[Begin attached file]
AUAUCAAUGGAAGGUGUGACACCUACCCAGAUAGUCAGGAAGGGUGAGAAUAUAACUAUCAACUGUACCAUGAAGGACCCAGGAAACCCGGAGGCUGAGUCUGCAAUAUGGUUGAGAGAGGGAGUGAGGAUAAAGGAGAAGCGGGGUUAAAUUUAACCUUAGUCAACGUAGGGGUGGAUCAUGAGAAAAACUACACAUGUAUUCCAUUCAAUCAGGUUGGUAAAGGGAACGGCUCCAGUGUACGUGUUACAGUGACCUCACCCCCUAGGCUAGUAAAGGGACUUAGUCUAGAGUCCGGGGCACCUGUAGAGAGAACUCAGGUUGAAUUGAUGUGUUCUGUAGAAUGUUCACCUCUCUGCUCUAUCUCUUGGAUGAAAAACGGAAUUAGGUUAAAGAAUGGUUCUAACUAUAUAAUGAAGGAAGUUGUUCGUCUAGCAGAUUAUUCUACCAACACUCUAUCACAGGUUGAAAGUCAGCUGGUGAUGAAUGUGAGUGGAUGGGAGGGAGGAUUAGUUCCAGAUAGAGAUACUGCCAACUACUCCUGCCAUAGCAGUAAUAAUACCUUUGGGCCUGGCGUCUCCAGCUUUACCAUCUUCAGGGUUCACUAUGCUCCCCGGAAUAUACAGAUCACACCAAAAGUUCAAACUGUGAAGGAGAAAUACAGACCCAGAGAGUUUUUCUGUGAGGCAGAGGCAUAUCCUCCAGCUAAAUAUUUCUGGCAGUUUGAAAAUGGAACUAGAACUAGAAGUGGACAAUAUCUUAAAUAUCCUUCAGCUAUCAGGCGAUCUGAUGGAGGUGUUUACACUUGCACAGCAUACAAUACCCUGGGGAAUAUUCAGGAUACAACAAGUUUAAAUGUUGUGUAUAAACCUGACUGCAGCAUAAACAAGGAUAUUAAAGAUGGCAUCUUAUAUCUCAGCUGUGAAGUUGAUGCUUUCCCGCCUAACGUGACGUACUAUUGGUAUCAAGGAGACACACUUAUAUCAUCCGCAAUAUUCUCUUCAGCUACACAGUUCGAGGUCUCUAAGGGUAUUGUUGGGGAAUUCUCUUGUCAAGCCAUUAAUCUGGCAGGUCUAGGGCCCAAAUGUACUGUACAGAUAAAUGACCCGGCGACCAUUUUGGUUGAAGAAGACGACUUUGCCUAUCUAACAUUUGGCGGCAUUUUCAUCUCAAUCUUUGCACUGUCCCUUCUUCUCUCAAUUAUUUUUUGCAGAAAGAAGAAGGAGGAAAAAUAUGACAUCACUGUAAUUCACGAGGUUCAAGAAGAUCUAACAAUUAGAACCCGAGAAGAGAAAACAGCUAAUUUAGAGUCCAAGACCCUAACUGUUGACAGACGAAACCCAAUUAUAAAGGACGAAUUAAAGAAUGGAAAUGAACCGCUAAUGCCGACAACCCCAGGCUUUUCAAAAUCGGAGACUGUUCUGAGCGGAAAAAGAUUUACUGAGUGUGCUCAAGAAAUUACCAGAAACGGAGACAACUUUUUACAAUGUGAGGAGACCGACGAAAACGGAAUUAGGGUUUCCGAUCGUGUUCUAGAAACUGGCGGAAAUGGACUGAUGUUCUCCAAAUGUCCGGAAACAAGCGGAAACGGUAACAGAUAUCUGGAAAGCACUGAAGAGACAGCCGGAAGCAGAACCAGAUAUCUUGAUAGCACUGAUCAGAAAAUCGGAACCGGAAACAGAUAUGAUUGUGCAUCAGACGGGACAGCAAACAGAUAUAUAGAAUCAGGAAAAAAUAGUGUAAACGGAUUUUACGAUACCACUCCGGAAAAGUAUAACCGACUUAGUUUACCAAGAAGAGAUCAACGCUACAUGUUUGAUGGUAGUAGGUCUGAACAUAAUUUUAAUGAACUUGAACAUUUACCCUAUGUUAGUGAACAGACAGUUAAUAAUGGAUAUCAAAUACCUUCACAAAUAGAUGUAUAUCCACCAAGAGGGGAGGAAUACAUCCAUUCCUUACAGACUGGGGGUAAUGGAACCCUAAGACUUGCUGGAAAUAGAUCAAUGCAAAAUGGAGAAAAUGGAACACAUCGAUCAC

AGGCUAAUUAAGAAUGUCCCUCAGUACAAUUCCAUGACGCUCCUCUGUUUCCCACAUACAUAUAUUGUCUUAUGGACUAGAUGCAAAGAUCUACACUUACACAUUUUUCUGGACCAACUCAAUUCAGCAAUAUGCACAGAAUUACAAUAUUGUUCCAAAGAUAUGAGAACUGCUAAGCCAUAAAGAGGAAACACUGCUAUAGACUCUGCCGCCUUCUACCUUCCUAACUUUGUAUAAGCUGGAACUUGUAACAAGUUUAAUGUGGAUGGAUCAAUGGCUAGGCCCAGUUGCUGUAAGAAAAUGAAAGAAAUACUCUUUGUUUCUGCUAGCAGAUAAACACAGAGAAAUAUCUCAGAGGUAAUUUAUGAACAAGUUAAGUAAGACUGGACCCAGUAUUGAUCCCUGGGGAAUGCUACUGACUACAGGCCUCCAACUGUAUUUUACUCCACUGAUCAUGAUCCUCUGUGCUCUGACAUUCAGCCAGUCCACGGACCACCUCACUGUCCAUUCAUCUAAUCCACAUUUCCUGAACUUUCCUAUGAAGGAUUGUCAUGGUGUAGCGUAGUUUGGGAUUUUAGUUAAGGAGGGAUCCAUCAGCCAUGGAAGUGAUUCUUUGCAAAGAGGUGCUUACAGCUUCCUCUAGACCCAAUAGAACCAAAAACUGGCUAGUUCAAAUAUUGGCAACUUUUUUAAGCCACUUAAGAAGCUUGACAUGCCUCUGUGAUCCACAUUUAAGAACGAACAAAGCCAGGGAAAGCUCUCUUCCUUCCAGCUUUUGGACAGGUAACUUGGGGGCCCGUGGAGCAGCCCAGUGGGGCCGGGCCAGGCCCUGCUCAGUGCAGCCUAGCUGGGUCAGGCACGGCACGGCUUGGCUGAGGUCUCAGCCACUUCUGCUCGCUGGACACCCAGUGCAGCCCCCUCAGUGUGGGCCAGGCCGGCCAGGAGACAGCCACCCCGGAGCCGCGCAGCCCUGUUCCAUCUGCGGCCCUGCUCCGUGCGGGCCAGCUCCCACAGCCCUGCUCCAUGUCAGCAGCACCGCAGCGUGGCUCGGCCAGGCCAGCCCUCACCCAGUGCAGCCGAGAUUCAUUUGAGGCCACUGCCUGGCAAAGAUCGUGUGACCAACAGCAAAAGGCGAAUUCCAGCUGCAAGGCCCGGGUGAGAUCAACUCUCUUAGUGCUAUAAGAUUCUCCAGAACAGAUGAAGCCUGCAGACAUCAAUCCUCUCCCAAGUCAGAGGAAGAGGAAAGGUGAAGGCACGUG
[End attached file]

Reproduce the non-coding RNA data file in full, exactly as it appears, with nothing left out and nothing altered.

AUAUCAAUGGAAGGUGUGACACCUACCCAGAUAGUCAGGAAGGGUGAGAAUAUAACUAUCAACUGUACCAUGAAGGACCCAGGAAACCCGGAGGCUGAGUCUGCAAUAUGGUUGAGAGAGGGAGUGAGGAUAAAGGAGAAGCGGGGUUAAAUUUAACCUUAGUCAACGUAGGGGUGGAUCAUGAGAAAAACUACACAUGUAUUCCAUUCAAUCAGGUUGGUAAAGGGAACGGCUCCAGUGUACGUGUUACAGUGACCUCACCCCCUAGGCUAGUAAAGGGACUUAGUCUAGAGUCCGGGGCACCUGUAGAGAGAACUCAGGUUGAAUUGAUGUGUUCUGUAGAAUGUUCACCUCUCUGCUCUAUCUCUUGGAUGAAAAACGGAAUUAGGUUAAAGAAUGGUUCUAACUAUAUAAUGAAGGAAGUUGUUCGUCUAGCAGAUUAUUCUACCAACACUCUAUCACAGGUUGAAAGUCAGCUGGUGAUGAAUGUGAGUGGAUGGGAGGGAGGAUUAGUUCCAGAUAGAGAUACUGCCAACUACUCCUGCCAUAGCAGUAAUAAUACCUUUGGGCCUGGCGUCUCCAGCUUUACCAUCUUCAGGGUUCACUAUGCUCCCCGGAAUAUACAGAUCACACCAAAAGUUCAAACUGUGAAGGAGAAAUACAGACCCAGAGAGUUUUUCUGUGAGGCAGAGGCAUAUCCUCCAGCUAAAUAUUUCUGGCAGUUUGAAAAUGGAACUAGAACUAGAAGUGGACAAUAUCUUAAAUAUCCUUCAGCUAUCAGGCGAUCUGAUGGAGGUGUUUACACUUGCACAGCAUACAAUACCCUGGGGAAUAUUCAGGAUACAACAAGUUUAAAUGUUGUGUAUAAACCUGACUGCAGCAUAAACAAGGAUAUUAAAGAUGGCAUCUUAUAUCUCAGCUGUGAAGUUGAUGCUUUCCCGCCUAACGUGACGUACUAUUGGUAUCAAGGAGACACACUUAUAUCAUCCGCAAUAUUCUCUUCAGCUACACAGUUCGAGGUCUCUAAGGGUAUUGUUGGGGAAUUCUCUUGUCAAGCCAUUAAUCUGGCAGGUCUAGGGCCCAAAUGUACUGUACAGAUAAAUGACCCGGCGACCAUUUUGGUUGAAGAAGACGACUUUGCCUAUCUAACAUUUGGCGGCAUUUUCAUCUCAAUCUUUGCACUGUCCCUUCUUCUCUCAAUUAUUUUUUGCAGAAAGAAGAAGGAGGAAAAAUAUGACAUCACUGUAAUUCACGAGGUUCAAGAAGAUCUAACAAUUAGAACCCGAGAAGAGAAAACAGCUAAUUUAGAGUCCAAGACCCUAACUGUUGACAGACGAAACCCAAUUAUAAAGGACGAAUUAAAGAAUGGAAAUGAACCGCUAAUGCCGACAACCCCAGGCUUUUCAAAAUCGGAGACUGUUCUGAGCGGAAAAAGAUUUACUGAGUGUGCUCAAGAAAUUACCAGAAACGGAGACAACUUUUUACAAUGUGAGGAGACCGACGAAAACGGAAUUAGGGUUUCCGAUCGUGUUCUAGAAACUGGCGGAAAUGGACUGAUGUUCUCCAAAUGUCCGGAAACAAGCGGAAACGGUAACAGAUAUCUGGAAAGCACUGAAGAGACAGCCGGAAGCAGAACCAGAUAUCUUGAUAGCACUGAUCAGAAAAUCGGAACCGGAAACAGAUAUGAUUGUGCAUCAGACGGGACAGCAAACAGAUAUAUAGAAUCAGGAAAAAAUAGUGUAAACGGAUUUUACGAUACCACUCCGGAAAAGUAUAACCGACUUAGUUUACCAAGAAGAGAUCAACGCUACAUGUUUGAUGGUAGUAGGUCUGAACAUAAUUUUAAUGAACUUGAACAUUUACCCUAUGUUAGUGAACAGACAGUUAAUAAUGGAUAUCAAAUACCUUCACAAAUAGAUGUAUAUCCACCAAGAGGGGAGGAAUACAUCCAUUCCUUACAGACUGGGGGUAAUGGAACCCUAAGACUUGCUGGAAAUAGAUCAAUGCAAAAUGGAGAAAAUGGAACACAUCGAUCAC

AGGCUAAUUAAGAAUGUCCCUCAGUACAAUUCCAUGACGCUCCUCUGUUUCCCACAUACAUAUAUUGUCUUAUGGACUAGAUGCAAAGAUCUACACUUACACAUUUUUCUGGACCAACUCAAUUCAGCAAUAUGCACAGAAUUACAAUAUUGUUCCAAAGAUAUGAGAACUGCUAAGCCAUAAAGAGGAAACACUGCUAUAGACUCUGCCGCCUUCUACCUUCCUAACUUUGUAUAAGCUGGAACUUGUAACAAGUUUAAUGUGGAUGGAUCAAUGGCUAGGCCCAGUUGCUGUAAGAAAAUGAAAGAAAUACUCUUUGUUUCUGCUAGCAGAUAAACACAGAGAAAUAUCUCAGAGGUAAUUUAUGAACAAGUUAAGUAAGACUGGACCCAGUAUUGAUCCCUGGGGAAUGCUACUGACUACAGGCCUCCAACUGUAUUUUACUCCACUGAUCAUGAUCCUCUGUGCUCUGACAUUCAGCCAGUCCACGGACCACCUCACUGUCCAUUCAUCUAAUCCACAUUUCCUGAACUUUCCUAUGAAGGAUUGUCAUGGUGUAGCGUAGUUUGGGAUUUUAGUUAAGGAGGGAUCCAUCAGCCAUGGAAGUGAUUCUUUGCAAAGAGGUGCUUACAGCUUCCUCUAGACCCAAUAGAACCAAAAACUGGCUAGUUCAAAUAUUGGCAACUUUUUUAAGCCACUUAAGAAGCUUGACAUGCCUCUGUGAUCCACAUUUAAGAACGAACAAAGCCAGGGAAAGCUCUCUUCCUUCCAGCUUUUGGACAGGUAACUUGGGGGCCCGUGGAGCAGCCCAGUGGGGCCGGGCCAGGCCCUGCUCAGUGCAGCCUAGCUGGGUCAGGCACGGCACGGCUUGGCUGAGGUCUCAGCCACUUCUGCUCGCUGGACACCCAGUGCAGCCCCCUCAGUGUGGGCCAGGCCGGCCAGGAGACAGCCACCCCGGAGCCGCGCAGCCCUGUUCCAUCUGCGGCCCUGCUCCGUGCGGGCCAGCUCCCACAGCCCUGCUCCAUGUCAGCAGCACCGCAGCGUGGCUCGGCCAGGCCAGCCCUCACCCAGUGCAGCCGAGAUUCAUUUGAGGCCACUGCCUGGCAAAGAUCGUGUGACCAACAGCAAAAGGCGAAUUCCAGCUGCAAGGCCCGGGUGAGAUCAACUCUCUUAGUGCUAUAAGAUUCUCCAGAACAGAUGAAGCCUGCAGACAUCAAUCCUCUCCCAAGUCAGAGGAAGAGGAAAGGUGAAGGCACGUG